Fraser Smith | WYPR

Fraser Smith

Fraser Smith has been in the news business for over 30 years.  He began his reportorial career with the Jersey Journal, a daily New Jersey newspaper and then moved on to the Providence Journal in Providence, Rhode Island. In 1969 Fraser won a prestigious American Political Science Association Public Affairs Fellowship, which enabled him to devote a year to graduate study at Yale University.  In 1977, Fraser was hired away by The Baltimore Sun where in 1981, he moved to the newspaper's Washington bureau to focus on policy problems and their everyday effect on Marylanders.  In 1983, he became the Sun's chief political reporter.

During his career as a reporter, Fraser was the recipient of numerous journalism awards: from UPI New England in 1973, from AP New England in 1974 and 1975, from Roy W. Howard in 1975, from Maryland-Delaware-D.C. Press Association in 1981, and from Sigma Delta Chi in 1986.  His Sun series on lead paint poisoning, which he wrote with his wife, Eileen Canzian, won first place and best of show honors in 1987 from the Maryland-Delaware-D.C. Press Association.  Between 1999 and 2003, he has served as an editorial writer and columnist for the Sun.

WYPR's Fraser Smith and Jenna Johnson of the Washington Post talk about Maryland's construction of a new health care exchange website using software code from Connecticut, and why some say the process has been too secretive.

WYPR's Fraser Smith and Alison Knezevich of the Baltimore Sun talk about the race for state Senate in Baltimore County's 42nd district, and why incumbent Jim Brochin (D) is being opposed by some powerful state Democrats.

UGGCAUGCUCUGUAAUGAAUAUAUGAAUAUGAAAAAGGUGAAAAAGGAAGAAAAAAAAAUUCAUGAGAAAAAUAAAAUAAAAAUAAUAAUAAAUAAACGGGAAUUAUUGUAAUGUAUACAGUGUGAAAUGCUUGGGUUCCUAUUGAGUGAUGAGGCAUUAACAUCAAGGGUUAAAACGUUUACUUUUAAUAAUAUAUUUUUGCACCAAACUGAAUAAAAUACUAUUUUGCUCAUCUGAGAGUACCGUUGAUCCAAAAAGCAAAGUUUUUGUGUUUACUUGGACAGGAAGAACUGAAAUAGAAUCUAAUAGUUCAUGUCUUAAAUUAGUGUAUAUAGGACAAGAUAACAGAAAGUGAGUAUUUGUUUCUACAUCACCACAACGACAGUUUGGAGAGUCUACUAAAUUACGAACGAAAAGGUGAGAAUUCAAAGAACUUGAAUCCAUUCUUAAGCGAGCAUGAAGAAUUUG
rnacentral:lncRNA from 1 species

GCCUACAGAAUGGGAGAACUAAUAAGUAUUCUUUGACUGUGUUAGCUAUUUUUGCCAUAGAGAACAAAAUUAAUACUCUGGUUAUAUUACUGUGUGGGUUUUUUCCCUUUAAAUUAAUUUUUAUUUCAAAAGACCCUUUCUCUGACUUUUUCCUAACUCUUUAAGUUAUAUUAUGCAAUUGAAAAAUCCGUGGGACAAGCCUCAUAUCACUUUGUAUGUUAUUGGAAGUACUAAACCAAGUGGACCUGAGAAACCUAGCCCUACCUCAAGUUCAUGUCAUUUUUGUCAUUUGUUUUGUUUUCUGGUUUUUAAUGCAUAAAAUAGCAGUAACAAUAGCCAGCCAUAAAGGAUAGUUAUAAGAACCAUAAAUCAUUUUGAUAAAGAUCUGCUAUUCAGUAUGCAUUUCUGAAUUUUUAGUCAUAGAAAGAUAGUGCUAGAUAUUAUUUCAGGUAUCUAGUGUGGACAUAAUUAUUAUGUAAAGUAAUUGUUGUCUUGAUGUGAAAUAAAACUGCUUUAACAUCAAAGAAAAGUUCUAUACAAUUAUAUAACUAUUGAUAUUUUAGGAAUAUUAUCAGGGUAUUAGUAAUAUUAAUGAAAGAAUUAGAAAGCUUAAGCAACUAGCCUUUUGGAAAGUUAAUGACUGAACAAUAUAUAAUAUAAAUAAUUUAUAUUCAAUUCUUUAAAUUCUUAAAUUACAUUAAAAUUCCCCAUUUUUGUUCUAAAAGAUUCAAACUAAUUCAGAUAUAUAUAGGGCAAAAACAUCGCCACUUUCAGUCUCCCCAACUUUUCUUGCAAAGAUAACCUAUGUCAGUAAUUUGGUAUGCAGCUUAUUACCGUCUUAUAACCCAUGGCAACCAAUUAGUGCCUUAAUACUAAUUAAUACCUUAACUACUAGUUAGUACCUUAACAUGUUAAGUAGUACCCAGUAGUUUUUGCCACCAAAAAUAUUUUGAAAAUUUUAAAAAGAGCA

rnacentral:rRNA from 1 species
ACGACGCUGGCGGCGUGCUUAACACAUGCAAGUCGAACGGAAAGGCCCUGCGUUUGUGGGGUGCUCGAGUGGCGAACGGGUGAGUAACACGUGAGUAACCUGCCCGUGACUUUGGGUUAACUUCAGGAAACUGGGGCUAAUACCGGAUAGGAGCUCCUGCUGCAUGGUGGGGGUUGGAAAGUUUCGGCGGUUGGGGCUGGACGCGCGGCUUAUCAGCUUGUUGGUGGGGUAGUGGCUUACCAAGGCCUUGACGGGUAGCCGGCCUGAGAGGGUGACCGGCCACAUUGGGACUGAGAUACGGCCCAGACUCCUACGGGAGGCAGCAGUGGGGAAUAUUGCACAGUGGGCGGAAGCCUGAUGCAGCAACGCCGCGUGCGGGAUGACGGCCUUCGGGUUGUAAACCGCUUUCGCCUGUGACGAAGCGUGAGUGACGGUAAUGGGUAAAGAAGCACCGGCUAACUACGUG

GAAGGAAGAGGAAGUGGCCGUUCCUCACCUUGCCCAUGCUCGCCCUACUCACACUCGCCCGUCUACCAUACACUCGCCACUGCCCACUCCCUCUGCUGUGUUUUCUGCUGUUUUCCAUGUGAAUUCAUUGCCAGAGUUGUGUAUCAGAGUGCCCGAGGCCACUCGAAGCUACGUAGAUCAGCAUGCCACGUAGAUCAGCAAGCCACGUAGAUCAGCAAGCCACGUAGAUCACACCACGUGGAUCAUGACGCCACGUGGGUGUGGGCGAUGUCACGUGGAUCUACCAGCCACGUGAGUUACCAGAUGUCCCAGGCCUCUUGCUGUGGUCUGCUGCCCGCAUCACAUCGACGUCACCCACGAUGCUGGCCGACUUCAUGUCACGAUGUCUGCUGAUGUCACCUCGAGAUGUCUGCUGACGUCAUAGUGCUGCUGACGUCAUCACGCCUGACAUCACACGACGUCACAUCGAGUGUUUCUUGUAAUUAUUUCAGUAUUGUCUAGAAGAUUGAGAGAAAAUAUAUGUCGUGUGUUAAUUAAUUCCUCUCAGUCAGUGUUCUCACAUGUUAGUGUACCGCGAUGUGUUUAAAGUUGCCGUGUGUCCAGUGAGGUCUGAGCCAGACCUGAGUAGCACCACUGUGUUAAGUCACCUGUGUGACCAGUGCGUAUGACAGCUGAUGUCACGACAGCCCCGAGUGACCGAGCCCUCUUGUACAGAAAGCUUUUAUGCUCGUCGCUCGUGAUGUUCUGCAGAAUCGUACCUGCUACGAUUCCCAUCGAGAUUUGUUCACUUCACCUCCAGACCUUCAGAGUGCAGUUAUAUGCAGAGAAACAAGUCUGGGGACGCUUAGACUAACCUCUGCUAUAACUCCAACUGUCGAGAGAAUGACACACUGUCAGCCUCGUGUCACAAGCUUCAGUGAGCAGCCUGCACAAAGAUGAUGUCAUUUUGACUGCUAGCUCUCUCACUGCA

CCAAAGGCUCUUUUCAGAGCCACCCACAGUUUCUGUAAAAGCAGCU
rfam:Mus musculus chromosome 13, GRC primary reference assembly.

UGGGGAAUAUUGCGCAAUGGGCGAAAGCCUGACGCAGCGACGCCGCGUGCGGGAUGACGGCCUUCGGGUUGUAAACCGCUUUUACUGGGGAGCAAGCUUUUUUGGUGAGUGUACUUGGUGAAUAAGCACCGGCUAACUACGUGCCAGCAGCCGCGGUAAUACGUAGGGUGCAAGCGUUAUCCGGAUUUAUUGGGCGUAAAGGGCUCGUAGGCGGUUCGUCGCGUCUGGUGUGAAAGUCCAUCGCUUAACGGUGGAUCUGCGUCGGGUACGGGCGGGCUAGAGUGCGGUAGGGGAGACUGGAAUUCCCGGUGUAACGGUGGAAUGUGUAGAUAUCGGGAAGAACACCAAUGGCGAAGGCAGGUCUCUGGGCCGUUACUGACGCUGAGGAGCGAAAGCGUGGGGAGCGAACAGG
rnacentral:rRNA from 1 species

WYPR's Fraser Smith and Luke Broadwater of the Baltimore Sun talk about State Senator Joan Carter Conway's challenge from Baltimore City Councilman Bill Henry, and why the ticket matters in this Democratic primary.

If undecided is still leading in the polls, it’s no surprise.

Bryan Sears (from The Daily Record) and Fraser Smith ponder the quietness among the gubernatorial election's leaders - don't the voters want to know what they have to say? 

John Henry Adams was psyched.  Beyond excited. He could feel a new life. In comments made for a WYPR news story, Adams was asked if he had any pressing problems. “As long as I’m free and God wakes me up every day I don’t have no problems. I’m a humble individual,” he said.

WYPR's Fraser Smith and Jenna Johnson of the Washington Post talk about letters sent to Governor O'Malley and House Speaker Mike Busch from the production company that makes the Netflix drama "House of Cards."

WYPR's Fraser Smith and Karen Hosler talk about a Baltimore Sun poll released over the weekend that revealed a large number of likely Democratic and Republican voters have not made up their minds about who they favor in the governor's race.

WYPR's Fraser Smith and Josh Kurtz of Center Maryland talk about House Leader Mike Busch and Senate President Mike Miller's proposal to reduce the estate tax and why Governor O'Malley faces a difficult decision if it were to pass the legislature.

WYPR's Fraser Smith and Bryan Sears of the Daily Record talk about the State Senate passing a bill to help families get health insurance if they had trouble with Maryland's online marketplace.

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